History of Catalina Roses:
The hybrid tea rose Catalina was first discovered in 1940 in the United States by Nicholas Grillo. Grillo is a little known rose breeder based out of Connecticut. This particular rose is a sport of the rose Joanna Hill. Catalina is a rich pink rose, almost salmon colored, that produces nice sized blooms that are between 4 and 5 inches in diameter and have a very strong fragrance. The blooms are only somewhat full however and will have around 25 to 30 petals each.
You can expect your Catalina roses to grow to typical heights for a hybrid tea rose, anywhere from 4 to 6 feet tall at full maturity with a width of around 3 feet across. This variety will lend itself well to either being grown in your garden, or in a container on your porch or patio. The strong fragrance and rich colors will really brighten up just about any space that you might want to grow them. The rose Catalina will do well in zones 6 through 9.
Growing Catalina Roses:
Growing the rose Catalina is not very difficult and if you have had any past experience growing roses, then I’m certain you will not find this variety all that challenging. One of the biggest choices you will have to make in the life of your roses is where in the garden you grow them. Roses will need a lot of sun light if you want them to give you their best performance, so try to select a location where they will get at least 6 to 8 hours a day of direct sun.
You also should find a spot that exposes your Catalina roses to the natural air currents in your garden. This is such an important aspect to growing roses that a lot of growers overlook. Airflow helps keep the leaves of your plant dry, which in turn keeps the overall plant that much more healthy and strong. You will also need to grow your rose Catalina in soil that drains well. This isn’t too hard considering how many different soil mixes are available on the market these days. All you need to do is simply select the one that is best for you.
Planting Catalina Roses:
Getting your rose Catalina into the ground is pretty simple and most folks can get the job done easily with just a few basic hand tools. If you bought your rose locally, then there is a good chance that they had it already planted for you in a container and ready to bloom. These are the easiest to plant as you need only dig your hole at least twice the diameter of the container, and equally as deep. This gives you a lot of room around the roots for your soil mix while still keeping the bud union at its original depth.
If you ordered your Catalina roses online, then chances are they shipped them to you as bareroot plants, which is not all that uncommon. For these you should first soak the roots overnight in a bucket of room temperature water to rehydrate them. Then dig your hole as wide as the longest roots and deep enough to let you place the plant on top of a soil mound while keeping the bud union about an inch below the surface.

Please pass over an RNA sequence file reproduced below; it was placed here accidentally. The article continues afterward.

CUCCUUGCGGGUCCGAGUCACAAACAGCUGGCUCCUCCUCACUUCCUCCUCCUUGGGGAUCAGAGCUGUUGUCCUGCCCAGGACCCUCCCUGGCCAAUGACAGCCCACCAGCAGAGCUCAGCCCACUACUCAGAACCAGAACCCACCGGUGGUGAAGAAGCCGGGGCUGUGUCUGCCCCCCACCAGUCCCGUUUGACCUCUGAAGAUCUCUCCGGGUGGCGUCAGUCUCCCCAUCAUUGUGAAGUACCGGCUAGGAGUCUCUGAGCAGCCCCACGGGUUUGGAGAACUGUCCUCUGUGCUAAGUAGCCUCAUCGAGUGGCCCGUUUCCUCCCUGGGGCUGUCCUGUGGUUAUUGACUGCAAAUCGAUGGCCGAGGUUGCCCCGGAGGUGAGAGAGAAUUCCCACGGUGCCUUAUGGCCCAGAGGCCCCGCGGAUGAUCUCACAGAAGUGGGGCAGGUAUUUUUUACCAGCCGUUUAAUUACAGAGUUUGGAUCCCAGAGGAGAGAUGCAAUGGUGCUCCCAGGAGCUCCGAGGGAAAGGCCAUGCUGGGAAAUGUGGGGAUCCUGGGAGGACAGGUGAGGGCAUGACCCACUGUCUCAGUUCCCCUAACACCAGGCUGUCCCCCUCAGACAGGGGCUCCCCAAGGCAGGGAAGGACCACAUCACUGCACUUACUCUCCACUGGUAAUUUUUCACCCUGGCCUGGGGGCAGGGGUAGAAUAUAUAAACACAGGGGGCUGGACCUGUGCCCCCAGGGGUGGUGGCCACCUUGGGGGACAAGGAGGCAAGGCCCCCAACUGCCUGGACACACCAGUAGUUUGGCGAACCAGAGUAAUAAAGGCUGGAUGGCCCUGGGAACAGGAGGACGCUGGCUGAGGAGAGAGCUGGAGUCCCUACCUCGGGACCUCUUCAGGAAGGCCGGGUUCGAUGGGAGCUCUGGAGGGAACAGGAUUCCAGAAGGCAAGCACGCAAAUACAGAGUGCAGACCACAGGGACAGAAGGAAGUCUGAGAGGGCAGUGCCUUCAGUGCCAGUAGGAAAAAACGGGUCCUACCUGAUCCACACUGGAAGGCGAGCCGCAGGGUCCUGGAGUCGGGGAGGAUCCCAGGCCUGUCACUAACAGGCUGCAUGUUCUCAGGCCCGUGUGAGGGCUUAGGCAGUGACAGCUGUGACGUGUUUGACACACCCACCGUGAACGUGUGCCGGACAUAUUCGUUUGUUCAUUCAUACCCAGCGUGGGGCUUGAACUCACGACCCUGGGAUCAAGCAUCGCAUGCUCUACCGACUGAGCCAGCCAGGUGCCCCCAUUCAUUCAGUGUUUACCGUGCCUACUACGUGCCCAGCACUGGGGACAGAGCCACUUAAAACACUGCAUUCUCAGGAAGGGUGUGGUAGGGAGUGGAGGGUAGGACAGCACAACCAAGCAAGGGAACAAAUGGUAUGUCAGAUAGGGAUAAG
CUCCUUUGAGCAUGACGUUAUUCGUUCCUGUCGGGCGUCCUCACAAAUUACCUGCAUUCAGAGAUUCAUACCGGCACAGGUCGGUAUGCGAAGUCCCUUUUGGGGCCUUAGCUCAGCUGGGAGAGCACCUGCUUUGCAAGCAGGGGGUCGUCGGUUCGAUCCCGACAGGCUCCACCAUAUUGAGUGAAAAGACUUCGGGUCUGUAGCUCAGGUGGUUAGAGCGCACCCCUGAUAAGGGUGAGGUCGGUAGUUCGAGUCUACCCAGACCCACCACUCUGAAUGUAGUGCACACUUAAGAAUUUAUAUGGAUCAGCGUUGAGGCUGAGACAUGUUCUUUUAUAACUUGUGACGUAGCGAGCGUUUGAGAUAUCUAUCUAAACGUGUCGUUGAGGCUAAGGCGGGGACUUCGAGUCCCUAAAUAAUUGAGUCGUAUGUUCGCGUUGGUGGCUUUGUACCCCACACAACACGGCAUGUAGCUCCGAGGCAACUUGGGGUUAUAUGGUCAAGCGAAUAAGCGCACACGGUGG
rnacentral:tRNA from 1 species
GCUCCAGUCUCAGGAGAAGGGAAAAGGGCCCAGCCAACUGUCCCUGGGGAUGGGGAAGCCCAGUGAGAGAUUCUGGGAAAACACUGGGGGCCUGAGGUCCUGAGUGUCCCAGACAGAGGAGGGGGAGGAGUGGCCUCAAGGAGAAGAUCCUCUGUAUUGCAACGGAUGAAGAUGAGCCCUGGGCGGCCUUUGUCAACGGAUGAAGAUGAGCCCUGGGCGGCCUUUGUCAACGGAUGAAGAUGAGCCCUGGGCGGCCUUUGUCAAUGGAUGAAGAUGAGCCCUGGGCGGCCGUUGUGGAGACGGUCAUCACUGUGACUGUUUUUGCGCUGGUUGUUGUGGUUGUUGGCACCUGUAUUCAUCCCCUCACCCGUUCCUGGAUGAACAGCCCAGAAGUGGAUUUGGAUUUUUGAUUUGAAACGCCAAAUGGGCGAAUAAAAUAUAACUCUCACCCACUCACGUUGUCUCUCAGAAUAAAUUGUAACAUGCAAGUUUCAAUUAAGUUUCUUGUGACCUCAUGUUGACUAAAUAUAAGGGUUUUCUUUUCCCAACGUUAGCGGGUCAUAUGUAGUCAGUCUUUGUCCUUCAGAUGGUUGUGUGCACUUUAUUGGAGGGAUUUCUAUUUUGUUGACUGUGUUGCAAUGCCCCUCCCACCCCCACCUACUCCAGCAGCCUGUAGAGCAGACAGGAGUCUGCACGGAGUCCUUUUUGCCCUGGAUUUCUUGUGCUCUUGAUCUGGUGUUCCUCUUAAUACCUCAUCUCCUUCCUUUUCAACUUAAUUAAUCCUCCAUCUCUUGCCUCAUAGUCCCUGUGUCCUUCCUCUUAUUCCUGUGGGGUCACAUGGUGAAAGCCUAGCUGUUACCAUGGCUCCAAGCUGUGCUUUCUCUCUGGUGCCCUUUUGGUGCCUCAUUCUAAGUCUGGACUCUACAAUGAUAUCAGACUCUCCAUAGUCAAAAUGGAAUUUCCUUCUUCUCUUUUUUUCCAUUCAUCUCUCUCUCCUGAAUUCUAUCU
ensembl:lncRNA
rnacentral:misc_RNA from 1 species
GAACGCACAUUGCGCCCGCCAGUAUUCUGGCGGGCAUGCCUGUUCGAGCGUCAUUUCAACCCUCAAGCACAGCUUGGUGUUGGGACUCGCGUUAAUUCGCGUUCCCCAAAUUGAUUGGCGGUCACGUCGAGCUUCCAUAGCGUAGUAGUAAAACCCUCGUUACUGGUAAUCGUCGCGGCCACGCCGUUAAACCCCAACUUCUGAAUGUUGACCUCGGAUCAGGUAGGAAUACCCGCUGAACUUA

Once you have your rose Catalina set in place, spread the roots out in all directions around the mound and then back fill the hole about halfway to start, using your soil mix. Take the garden hose and water the loose soil heavily until it flows around the roots like mud, then you can fill the hole the rest of the way. Give the soil one more heavy watering and top off any final settling that may occur. This method should make sure that you don’t get air pockets under the soil around the roots.
Depending on your climate, you also may want to mound up some fresh mulch around the exposed canes of the plant, to help prevent them from drying out, just until new growth forms.
Caring for Catalina Roses:
Taking care of the rose Catalina is really a snap and once again, if you have any prior experience growing roses, then that will surely come in handy here as well. You will need to make sure that you give your roses plenty of water, while taking care not to overdo it. For most mild climates this will be about one deep watering per week. If you live in a hot or dry climate then you might need to check on your roses every couple of days.
You should also give your Catalina roses a dose of a granular all-purpose fertilizer in the spring time once the leaves start forming. This will give them a great jump on the season. Like most hybrid tea roses, this one is also a repeat bloomer so it will benefit greatly from a few additional feedings over the course of the growing season. I usually give my roses a second feeding right after the first big bloom, and then a third one sometime around the middle of the summer to encourage some late season blooms. Your rose Catalina will do well on this schedule also.
Pruning Catalina Roses:
You should prune your rose Catalina in the very early spring after the weather starts to turn, but before the leaves begin to bud. Start by removing all the dead and discolored wood from the plant and set your cuttings aside. Next, prune back the overlapping lateral canes so that these do not compete for sun light once the leaves fully open. Lastly, give the remaining canes a cut back by about one third of their current height, to promote new growth.
This is also the time to clean up around the base of your Catalina roses and get rid of any leaves and debris that might have collected there. Throw all of this away in the trash along with your cuttings. Never let dead matter lay around your roses. Finish up by giving your rose Catalina a fresh new layer of mulch to start off the growing season.
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